7 Ways To Prepare The Day Before The Tech Interview
Before anything else you should equip yourself before the day of the Tech Interview:
- Take time to Read The Company/Employer’s website Back to Front, Upside Down, In All the Niches and Crevices
You should devote as much time on it as you do on Facebook in 1 week. Follow all the links of the company, who are they relating with, what are they speaking about, what ventures are they functioning on?
If you find out that they have a blog, read it, what are they talking about? What are they involved with? What are their ideas?
You may stalk their Tweets, Facebook updates, Linkedin status – probably what are they saying on social media?
Add them, Follow them, and like their posts.
Look for five things that interest you. So when the day of the interview is in, and when you find out that it’s appropriate, you may share about what you found out on their website. And Say you stumble on it. Can the information you knew be turned into questions? See tip #2!
- You Should Prepare Questions
Get to make 5 of them at the minimum. Remember not about the salary one or the holidays.
Ready the job description, personal requirement or any other material you have and look if you can discover something in those to write extremely, awesome questions.
Also, think like you are the interviewer. What would you be asked about the tech interview?
Now go back to the job description or personal requirement and ask yourself, what difficulties are they trying to resolve with this position?
- Make an Ocular Inspection Where the Interview Is Being Held (if you can)
Without looking like a creepy stalker, get a feel for the building (if you can get in). Check out the ambience.
Where the employees are going for lunch break and coffee? Get a real sense of the place.
Try this: make pals with the reception department. You may tell them you are coming for an interview and want to get a feel for the place. You can ask what their interview was like, they’ll tell you.
- Envision The Initial, Middle and End of the Interview
Contemplate of all the things that may put you of your step: a handshake, a not so friendly smile, stares from the interview panel?
See them as they are occuring and then make yourself ‘mentally’ prepared of how you will successfully manage and respond. Then, see yourself after the interview, get a picture and feeling of how you are going to leave. Play it over and over again.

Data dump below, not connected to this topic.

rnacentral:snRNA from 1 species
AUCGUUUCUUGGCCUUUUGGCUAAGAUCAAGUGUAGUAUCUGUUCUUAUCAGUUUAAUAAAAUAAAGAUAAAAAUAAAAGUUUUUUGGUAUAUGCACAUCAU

- Prepare Answers for Your Awkward Questions Ahead
Some of may say ‘what if they ask me about that’, usually they’re referring to a gap, perhaps a role that didn’t last because they hated it, or a personal time in their life that they aren’t comfortable talking about.
You need to be prepared. If you have any nervousness over what you might be asked, you can get ready for it.
Contemplate on questions you don’t want to be asked and ready your answers. Play them in your mind. Make sure your reply is honest, yet still would have no reflection on the role you are applying for. It won’t will it? There is no question that you cannot answer!
Most probably you have a few ‘personal’ toughies that aren’t covered anywhere online! Ask someone to listen to your response to your awkward question, and ask to give you feedback on your response.
- Get A Mock Interview
If you can afford it hire a career coach to run through a mock interview with you, then do it. If you’re low paid or not working at the moment, do a little research and look for organizations in your local area who provide that offer services (start with your local volunteer group).
Mock interviews are a great opportunity to iron out any sticky points, plus get feedback on presentation skills, how you came across, what did an answer sound like, was it good enough, did you say enough etc. A decent ‘mock interview’ will feel like the real deal.
- Imagine that You’re Nearly There
About those anxieties, you’ve earned the right to be there, please remember that.
The company want to meet you, think on that for a subsequently. They already think that you might be suitable for the role, they came to this conclusion through your CV or Application Form (however you got in the door). So you’re half way there.
If you believe what you wrote, then you know that you only have to live up to what you said.
Yes, you’ll probably have rivalry. And that’s good, right? If you were interviewing you want to have a choice, wouldn’t you?
Write a list of your key strengths before your interview. When they ask you ‘do you have any questions’ (which they will), it’s perfectly fine to say ‘I just wanted to leave you with a few of my strengths and where you could use them‘ and tell them.
The first impression is mega necessary, the lasting impression is the one that sticks.
Guidance and preparation is key, so grab a copy of Mike Reinhardt’s book, “Inside the Tech Interview“.